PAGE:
Professor and Director, Brookings Mountain West, Lincy Institute, University of Nevada - Las Vegas

Robert E. Lang was the Lincy Endowed Professor of Urban Affairs and the Director of Brookings Mountain West at the University of Nevada, Las Vegas until his untimely death on June 22, 2021 at the age of 62. Among his academic distinctions, he was a Fulbright Fellow at the École Normale Supérieure in Paris in 2008, a Visiting Distinguished Professor at Arizona State University in 2006, and more recently, a Planning and Development Fellow of the Lincoln Institute of Land Policy in Cambridge, MA, and a Distinguished Visiting Fellow of the University of California, Riverside. He received his Ph.D. from Rutgers in 2002. Dr. Lang served as editor of several academic journals, including Housing Policy Debate and the Journal of the American Planning Association. His research specialties included suburban studies, real estate, demographic and spatial analysis, economic development, and metropolitan governance. He authored over 150 academic and professional publications on a wide range of topics and developed many new urban planning concepts such as “boomburbs,” “edgeless cities,” and “megapolitan areas.” Dr. Lang was in wide demand for his expertise, giving over 250 professional and academic talks and managing over 14 million dollars in research and foundation grants during his career. His research was featured in such outlets as USA Today, the New York Times, the Washington Post, and the Wall Street Journal, and reported on by NPR, CNN, MSNBC, FOX News, and ABC World News Tonight. His publications included the books Edgeless Cities: Exploring the Elusive Metropolis (2003), Boomburbs: The Rise of America’s Accidental Cities (2007), and The New Politics of Planning (2009).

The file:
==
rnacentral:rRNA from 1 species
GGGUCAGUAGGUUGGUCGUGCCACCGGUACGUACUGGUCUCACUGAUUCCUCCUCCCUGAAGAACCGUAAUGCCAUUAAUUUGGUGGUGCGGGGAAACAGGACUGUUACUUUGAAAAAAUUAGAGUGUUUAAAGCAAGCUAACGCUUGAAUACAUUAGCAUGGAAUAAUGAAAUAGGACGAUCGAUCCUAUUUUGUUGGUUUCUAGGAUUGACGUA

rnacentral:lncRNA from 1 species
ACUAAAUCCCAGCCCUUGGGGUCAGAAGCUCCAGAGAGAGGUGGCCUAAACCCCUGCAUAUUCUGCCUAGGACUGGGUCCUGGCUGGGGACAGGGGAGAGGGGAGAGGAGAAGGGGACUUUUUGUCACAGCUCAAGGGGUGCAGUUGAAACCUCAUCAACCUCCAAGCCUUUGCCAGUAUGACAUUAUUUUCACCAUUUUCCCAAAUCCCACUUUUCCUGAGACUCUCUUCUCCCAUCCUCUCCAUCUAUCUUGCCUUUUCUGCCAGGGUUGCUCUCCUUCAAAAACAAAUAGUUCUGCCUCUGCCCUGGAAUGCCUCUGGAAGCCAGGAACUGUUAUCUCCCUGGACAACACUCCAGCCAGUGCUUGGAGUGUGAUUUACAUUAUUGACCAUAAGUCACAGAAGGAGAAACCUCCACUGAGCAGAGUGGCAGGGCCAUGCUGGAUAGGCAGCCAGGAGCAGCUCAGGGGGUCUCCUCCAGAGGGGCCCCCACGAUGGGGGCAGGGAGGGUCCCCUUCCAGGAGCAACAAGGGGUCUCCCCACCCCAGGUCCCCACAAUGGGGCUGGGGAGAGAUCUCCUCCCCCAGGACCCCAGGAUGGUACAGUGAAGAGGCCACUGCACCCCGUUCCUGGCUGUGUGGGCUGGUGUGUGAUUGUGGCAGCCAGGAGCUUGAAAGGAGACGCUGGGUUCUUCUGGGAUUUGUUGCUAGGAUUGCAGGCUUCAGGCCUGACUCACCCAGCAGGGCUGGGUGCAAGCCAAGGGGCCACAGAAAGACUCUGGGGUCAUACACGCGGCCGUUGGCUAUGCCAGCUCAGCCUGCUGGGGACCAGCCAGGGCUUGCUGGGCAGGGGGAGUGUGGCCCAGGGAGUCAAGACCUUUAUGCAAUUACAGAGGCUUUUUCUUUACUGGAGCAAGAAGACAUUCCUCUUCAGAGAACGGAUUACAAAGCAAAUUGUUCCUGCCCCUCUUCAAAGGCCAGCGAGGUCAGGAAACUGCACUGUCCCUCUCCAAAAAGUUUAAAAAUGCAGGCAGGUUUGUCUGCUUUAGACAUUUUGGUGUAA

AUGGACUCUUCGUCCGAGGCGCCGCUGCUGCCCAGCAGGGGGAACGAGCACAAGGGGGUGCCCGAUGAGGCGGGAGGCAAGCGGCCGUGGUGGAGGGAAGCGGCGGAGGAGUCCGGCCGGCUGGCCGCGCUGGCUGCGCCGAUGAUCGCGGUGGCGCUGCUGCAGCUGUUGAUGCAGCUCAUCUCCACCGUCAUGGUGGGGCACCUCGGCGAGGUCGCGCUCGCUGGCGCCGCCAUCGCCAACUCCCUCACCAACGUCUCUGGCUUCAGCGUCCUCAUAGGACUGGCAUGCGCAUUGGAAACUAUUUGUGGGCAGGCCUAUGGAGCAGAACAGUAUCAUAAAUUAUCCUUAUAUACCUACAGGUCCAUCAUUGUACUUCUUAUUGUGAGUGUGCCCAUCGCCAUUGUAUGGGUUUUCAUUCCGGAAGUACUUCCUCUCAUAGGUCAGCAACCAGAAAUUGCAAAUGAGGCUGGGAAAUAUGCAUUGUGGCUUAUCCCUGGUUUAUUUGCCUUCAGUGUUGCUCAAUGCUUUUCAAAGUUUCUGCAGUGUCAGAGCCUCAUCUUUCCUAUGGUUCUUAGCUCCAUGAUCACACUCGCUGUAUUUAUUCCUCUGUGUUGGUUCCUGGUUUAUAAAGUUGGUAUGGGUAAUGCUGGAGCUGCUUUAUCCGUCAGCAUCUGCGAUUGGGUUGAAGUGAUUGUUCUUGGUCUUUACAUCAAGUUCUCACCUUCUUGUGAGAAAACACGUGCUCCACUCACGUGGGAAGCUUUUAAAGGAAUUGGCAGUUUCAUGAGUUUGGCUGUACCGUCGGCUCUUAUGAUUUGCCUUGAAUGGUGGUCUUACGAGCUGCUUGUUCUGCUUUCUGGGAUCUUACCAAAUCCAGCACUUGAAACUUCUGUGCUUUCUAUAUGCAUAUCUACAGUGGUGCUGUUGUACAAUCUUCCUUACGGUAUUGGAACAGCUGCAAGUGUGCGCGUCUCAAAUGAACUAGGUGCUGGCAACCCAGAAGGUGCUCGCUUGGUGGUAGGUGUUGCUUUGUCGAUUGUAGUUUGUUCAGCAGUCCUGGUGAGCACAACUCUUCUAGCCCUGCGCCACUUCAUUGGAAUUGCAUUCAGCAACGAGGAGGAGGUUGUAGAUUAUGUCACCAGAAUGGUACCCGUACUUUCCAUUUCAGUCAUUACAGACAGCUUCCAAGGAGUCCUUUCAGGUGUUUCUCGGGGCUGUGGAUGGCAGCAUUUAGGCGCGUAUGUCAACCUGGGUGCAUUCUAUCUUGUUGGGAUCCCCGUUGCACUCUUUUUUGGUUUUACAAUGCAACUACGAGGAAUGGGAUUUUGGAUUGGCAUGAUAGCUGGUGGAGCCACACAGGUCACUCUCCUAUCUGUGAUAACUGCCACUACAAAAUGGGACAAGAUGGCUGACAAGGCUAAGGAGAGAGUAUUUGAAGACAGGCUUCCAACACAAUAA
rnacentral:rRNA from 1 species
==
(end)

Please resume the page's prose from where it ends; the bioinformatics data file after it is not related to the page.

In several obituaries, Dr. Lang is lauded for his tireless advocacy of Las Vegas and his profound impact on urban development in southern Nevada, helping to build the city into a major multidimensional metropolis and UNLV into a bona fide research university. The Vegas Chamber of Commerce issued a statement saying, “Rob’s fingerprints are all over Las Vegas.” Brookings President John Allen called Rob “a treasured friend and colleague to so many within our institution,” and Tom Kaplan, a member of The Brookings Institution Board of Trustees, called Lang "Las Vegas's first true academic pioneer."

Similarly, faculty and graduate students who were at Rutgers during Rob’s time in our program remember him fondly, as a dear friend and as an electric and energizing presence in the classroom and in the hallways of our department. Pat Roos notes that Rob had “an outsized presence in our graduate program back in the 1990s. He would often pop into my Lucy Stone Hall office to chat, and I remember those conversations fondly. I remember in particular when as a student he was diagnosed with non-Hodgkin's lymphoma. It threw him for a loop, threatening his very future as an academic. We talked often about his worries and concerns, and we worried together. I was so happy to see him not only survive but thrive.” Wayne Brekhus notes that Rob was “an amazingly generous individual. As a graduate student he enjoyed mentoring newer graduate students. I loved all of the conversations we had and his willingness to mentor me, especially in my early years of graduate school when I wasn't quite sure how everything worked. He was almost always in his office and made the department a fun place to exchange ideas. He did so much for graduate student community and supporting a cooperative research culture among graduate students at Rutgers.” Rob’s life ended too soon and he will be very much missed.